While heart disease is the leading cause of death in the U.S., it can also be silent and go undiagnosed until a person experiences signs or symptoms of a heart attack, heart failure or an arrhythmia. Moreover, high blood pressure and cholesterol, along with smoking, place patients at higher risk for heart disease. But through lifestyle changes—and medicine—people can reduce their risk and treat heart disease.
"Patients with heart disease have more risk for hospitalization and ICU admission as well as death from COVID-19," said AMA member Cate Collings, MD, a cardiologist and president of the American College of Lifestyle Medicine. "Then in the other direction, COVID has been associated with myocarditis, which can lead to the development of heart failure and cardiac damage."
Dr. Collings offered six lifestyle-change recommendations that help prevent and treat heart disease.
"There are foods that increase inflammation and are considered pro-inflammatory … like meats, fried foods and processed foods," said Dr. Collings. "Certain foods have a high antioxidant and polyphenol content, and these are all things that reduce inflammation."
Look to dark green leafy foods, orange-colored vegetables, legumes, and fruits which are high "on the spectrum in terms of having positive effects on cardiovascular disease," she said.
"What’s moderate for one person is hard for another and what’s moderate for someone else may be light for another—it is relative to the individual," said Dr. Collings. "Even short amounts of moderate exercise such as brisk walking, cycling or swimming can reduce your heart risk and boost immunity.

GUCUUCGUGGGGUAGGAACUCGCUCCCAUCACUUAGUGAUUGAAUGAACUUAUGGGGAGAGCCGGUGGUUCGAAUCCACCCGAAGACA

"We think that extreme exercise may also transiently suppress immunity in some individuals so extra caution may be needed at this time," she added.
A way to tame heart-damaging stress is to designate reflective, meditative or spiritual time each day," said Dr. Collings. While it is "just another thing on our list of to dos right now, you can have micro moments or one-minute moments of breathing, exercise or relaxation."
"If you’re always on the stress side of things where you’re in the sympathetic system—the fight or flight—you need to go into the rest and digest, or rest and reflect, to wind down that sympathetic system to balance it out with the parasympathetic system," she said.
Thinking positively "has a direct effect on a person’s health. Some of the softer psychological risks can actually have hard outcomes," said Dr. Collings, adding that "humor is often the best medicine."
"There is data that show how we approach life in terms of positivity, how we interface with people in terms of creating connection and positive moments have direct physiological effects and health outcomes," she said.
Substance and alcohol abuse, as well as smoking, can increase a person’s risk for heart disease.
"The hardest thing—and hopefully it's going to improve over time—is that people have such a negative societal connotation when it comes to drugs, alcohol and certainly tobacco that people get into a cycle of shame and secrecy," said Dr. Collings. "The good news—and the message that you want to give—is that you're not alone.
"It is important to reach out, get help and not be ashamed," she added.
Adults who sleep less than seven hours each night are more likely to have health problems, including heart events. Some of these health problems can also raise a person’s risk for heart disease.
Sleep "affects us physiologically, but also affects our emotional and mental state," said Dr. Collings. "It has direct physiological effects in terms of being restorative, but there’s a lot of sleep apnea that is not yet diagnosed and treated," which increases the risk for many health problems, including high blood pressure, arrhythmias, heart attack and stroke.
Additionally, "we don't often take into account those sleep hygiene steps like making sure the room is dark, the temperature is right, you haven't had any alcohol for two or three hours and you haven't had any caffeine for eight to 10 hours," she said.